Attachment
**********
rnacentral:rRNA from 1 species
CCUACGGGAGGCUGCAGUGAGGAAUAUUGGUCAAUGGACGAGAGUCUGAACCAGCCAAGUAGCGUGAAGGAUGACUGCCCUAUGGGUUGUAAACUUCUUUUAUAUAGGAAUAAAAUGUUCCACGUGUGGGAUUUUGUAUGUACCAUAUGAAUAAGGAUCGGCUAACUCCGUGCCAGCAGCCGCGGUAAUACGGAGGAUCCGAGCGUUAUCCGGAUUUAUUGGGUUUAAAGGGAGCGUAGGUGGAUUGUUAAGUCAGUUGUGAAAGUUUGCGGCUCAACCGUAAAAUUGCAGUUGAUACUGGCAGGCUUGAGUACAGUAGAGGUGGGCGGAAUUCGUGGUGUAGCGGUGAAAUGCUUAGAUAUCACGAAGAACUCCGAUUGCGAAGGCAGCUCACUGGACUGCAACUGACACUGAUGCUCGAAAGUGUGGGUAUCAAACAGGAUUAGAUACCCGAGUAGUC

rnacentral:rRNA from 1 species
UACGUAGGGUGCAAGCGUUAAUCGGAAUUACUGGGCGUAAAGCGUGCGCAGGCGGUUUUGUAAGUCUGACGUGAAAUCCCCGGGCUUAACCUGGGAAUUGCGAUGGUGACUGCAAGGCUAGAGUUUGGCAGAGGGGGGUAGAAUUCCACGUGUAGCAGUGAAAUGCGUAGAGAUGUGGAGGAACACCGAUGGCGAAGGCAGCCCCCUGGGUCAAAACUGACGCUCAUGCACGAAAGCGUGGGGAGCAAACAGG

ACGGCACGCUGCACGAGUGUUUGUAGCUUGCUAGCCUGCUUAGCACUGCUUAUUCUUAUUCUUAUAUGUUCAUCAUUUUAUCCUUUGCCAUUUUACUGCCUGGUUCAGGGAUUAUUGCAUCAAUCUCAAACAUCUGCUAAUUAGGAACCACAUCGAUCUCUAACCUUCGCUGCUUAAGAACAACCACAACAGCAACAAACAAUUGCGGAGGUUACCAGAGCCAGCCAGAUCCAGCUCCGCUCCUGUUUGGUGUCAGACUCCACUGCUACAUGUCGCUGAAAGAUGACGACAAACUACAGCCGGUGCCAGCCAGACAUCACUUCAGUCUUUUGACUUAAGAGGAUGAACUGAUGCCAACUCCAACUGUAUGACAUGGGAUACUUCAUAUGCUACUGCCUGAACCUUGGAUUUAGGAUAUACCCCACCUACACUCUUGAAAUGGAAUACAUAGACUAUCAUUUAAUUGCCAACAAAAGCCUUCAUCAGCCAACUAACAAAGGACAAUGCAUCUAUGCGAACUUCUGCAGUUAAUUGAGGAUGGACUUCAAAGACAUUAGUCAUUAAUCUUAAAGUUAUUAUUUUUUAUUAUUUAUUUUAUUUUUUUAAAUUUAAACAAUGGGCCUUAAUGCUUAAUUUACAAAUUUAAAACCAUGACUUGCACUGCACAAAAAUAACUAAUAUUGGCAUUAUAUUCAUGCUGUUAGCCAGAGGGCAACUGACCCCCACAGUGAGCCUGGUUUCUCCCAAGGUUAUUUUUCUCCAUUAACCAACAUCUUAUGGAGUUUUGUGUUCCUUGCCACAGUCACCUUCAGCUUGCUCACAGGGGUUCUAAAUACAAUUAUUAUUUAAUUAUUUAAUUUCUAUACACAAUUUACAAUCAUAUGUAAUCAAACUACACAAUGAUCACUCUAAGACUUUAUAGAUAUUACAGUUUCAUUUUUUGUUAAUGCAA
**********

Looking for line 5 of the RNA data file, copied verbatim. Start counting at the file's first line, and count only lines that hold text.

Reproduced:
ACGGCACGCUGCACGAGUGUUUGUAGCUUGCUAGCCUGCUUAGCACUGCUUAUUCUUAUUCUUAUAUGUUCAUCAUUUUAUCCUUUGCCAUUUUACUGCCUGGUUCAGGGAUUAUUGCAUCAAUCUCAAACAUCUGCUAAUUAGGAACCACAUCGAUCUCUAACCUUCGCUGCUUAAGAACAACCACAACAGCAACAAACAAUUGCGGAGGUUACCAGAGCCAGCCAGAUCCAGCUCCGCUCCUGUUUGGUGUCAGACUCCACUGCUACAUGUCGCUGAAAGAUGACGACAAACUACAGCCGGUGCCAGCCAGACAUCACUUCAGUCUUUUGACUUAAGAGGAUGAACUGAUGCCAACUCCAACUGUAUGACAUGGGAUACUUCAUAUGCUACUGCCUGAACCUUGGAUUUAGGAUAUACCCCACCUACACUCUUGAAAUGGAAUACAUAGACUAUCAUUUAAUUGCCAACAAAAGCCUUCAUCAGCCAACUAACAAAGGACAAUGCAUCUAUGCGAACUUCUGCAGUUAAUUGAGGAUGGACUUCAAAGACAUUAGUCAUUAAUCUUAAAGUUAUUAUUUUUUAUUAUUUAUUUUAUUUUUUUAAAUUUAAACAAUGGGCCUUAAUGCUUAAUUUACAAAUUUAAAACCAUGACUUGCACUGCACAAAAAUAACUAAUAUUGGCAUUAUAUUCAUGCUGUUAGCCAGAGGGCAACUGACCCCCACAGUGAGCCUGGUUUCUCCCAAGGUUAUUUUUCUCCAUUAACCAACAUCUUAUGGAGUUUUGUGUUCCUUGCCACAGUCACCUUCAGCUUGCUCACAGGGGUUCUAAAUACAAUUAUUAUUUAAUUAUUUAAUUUCUAUACACAAUUUACAAUCAUAUGUAAUCAAACUACACAAUGAUCACUCUAAGACUUUAUAGAUAUUACAGUUUCAUUUUUUGUUAAUGCAA